On November 6, 2017, Acting Secretary of Homeland Security Elaine Duke announced the Temporary Protected Status (TPS) designation for Nicaragua will terminate on January 5, 2019. Nicaraguans with TPS will be required to reapply for work authorization for the duration of their TPS designation.

For more information, see USCIS website on TPS for Nicaraguans.

Temporary Protected Status for Haitians will end July 22, 2019

On November 20, 2017, Acting Secretary of Homeland Security Elaine Duke announced the Temporary Protected Status (TPS) designation for Haitians will terminate on July 22, 2019. Haitians with TPS will be required to reapply for work authorization for the duration of their TPS designation.

For more information, see USCIS website on TPS for Haitians.

Legislation updates

Diversity Green Card lottery

Last month a terrorist drove a truck into pedestrians on a New York City bike path. Following the attack and the disclosure that the individual was a Diversity Green Card lottery (the “Lottery”) recipient, Trump called for the elimination of the Lottery program. He is not alone. The bipartisan Gang of 8 proposed to eliminate it too and an immigration bill put forward by Senator Tom Cotton calls for its elimination as well.

The Lottery allocates 50,000 permanent visas (“green cards”) out of the 1,000,000 issued annually to individuals from countries with historically low rates of immigration to the United States. Lottery winners who are selected at random are subject to security screenings including biometrics, name and fingerprint checks against multiple interagency government databases and watch-lists as well as required to attend an in-person interview before approval for a lottery green card.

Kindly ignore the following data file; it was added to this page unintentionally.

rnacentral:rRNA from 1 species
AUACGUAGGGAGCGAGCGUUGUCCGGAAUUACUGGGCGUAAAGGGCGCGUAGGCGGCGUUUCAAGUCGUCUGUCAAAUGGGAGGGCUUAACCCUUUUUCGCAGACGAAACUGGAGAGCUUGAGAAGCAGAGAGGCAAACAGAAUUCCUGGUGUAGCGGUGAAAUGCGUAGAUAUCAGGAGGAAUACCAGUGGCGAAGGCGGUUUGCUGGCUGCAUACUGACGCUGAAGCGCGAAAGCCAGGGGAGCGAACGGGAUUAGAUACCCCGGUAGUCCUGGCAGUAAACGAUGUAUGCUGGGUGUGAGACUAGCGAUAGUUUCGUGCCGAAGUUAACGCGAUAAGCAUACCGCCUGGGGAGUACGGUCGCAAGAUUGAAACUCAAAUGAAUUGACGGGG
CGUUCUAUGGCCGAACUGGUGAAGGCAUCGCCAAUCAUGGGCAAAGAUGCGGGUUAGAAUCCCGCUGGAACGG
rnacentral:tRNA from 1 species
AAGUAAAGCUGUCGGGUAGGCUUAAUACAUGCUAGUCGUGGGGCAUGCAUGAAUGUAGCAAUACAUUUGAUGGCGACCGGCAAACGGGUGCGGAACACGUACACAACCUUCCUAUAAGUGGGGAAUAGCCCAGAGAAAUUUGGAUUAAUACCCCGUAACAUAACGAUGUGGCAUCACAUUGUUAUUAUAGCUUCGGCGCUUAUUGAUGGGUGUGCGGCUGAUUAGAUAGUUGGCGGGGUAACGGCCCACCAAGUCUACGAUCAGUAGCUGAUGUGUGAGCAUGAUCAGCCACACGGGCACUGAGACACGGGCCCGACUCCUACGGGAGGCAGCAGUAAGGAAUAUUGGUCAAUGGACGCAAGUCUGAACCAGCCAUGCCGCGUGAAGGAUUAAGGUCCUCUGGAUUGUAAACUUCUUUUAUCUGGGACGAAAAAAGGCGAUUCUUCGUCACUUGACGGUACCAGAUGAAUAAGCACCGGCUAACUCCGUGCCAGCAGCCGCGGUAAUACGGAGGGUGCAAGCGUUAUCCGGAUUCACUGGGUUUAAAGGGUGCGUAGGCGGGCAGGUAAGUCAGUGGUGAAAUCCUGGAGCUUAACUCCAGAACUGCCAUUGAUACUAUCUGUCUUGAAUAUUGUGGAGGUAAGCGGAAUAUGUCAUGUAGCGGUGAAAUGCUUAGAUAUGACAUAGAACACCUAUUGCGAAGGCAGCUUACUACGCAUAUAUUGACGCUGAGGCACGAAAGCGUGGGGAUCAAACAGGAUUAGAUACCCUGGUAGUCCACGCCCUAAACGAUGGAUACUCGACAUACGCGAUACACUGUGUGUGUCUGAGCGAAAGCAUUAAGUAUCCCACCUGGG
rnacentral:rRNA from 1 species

For more information, see our alert on the Diversity Green Card lottery.

Reports

Naturalization applications up 24%

Katie Tichacek, a spokeswoman for U.S. Citizenship and Immigration Services (USCIS), stated that there is “a 24 percent increase in naturalization applications since last fiscal year.” This increase in the number of applications is a contributing factor to the lengthening of processing times for naturalizations.

For more information, see WNYC’s article.

I-9 e-mail scams

Employers have reported to U.S. Citizenship and Immigration Services (USCIS) that they have received e-mails from news@uscis.gov requesting Form I-9 information. While the body of the e-mail contains USCIS and Inspector General labels, these e-mails are fraudulent and link to a non-government web address of uscis-online.org.

Employers are not required to submit Forms I-9 to USCIS. Employers who receive a scam e-mail should forward the e-mail to the USCIS webmaster. Employers should not respond to scam e-mail or click any links contained in the scam e-mail.

For more information, see USCIS’s avoid scams initiative.

The foregoing has been prepared for the general information of clients and friends of the firm. It is not meant to provide legal advice with respect to any specific matter and should not be acted upon without professional counsel. If you have any questions or require any further information regarding these or other related matters, please contact your regular Nixon Peabody LLP representative. This material may be considered advertising under certain rules of professional conduct.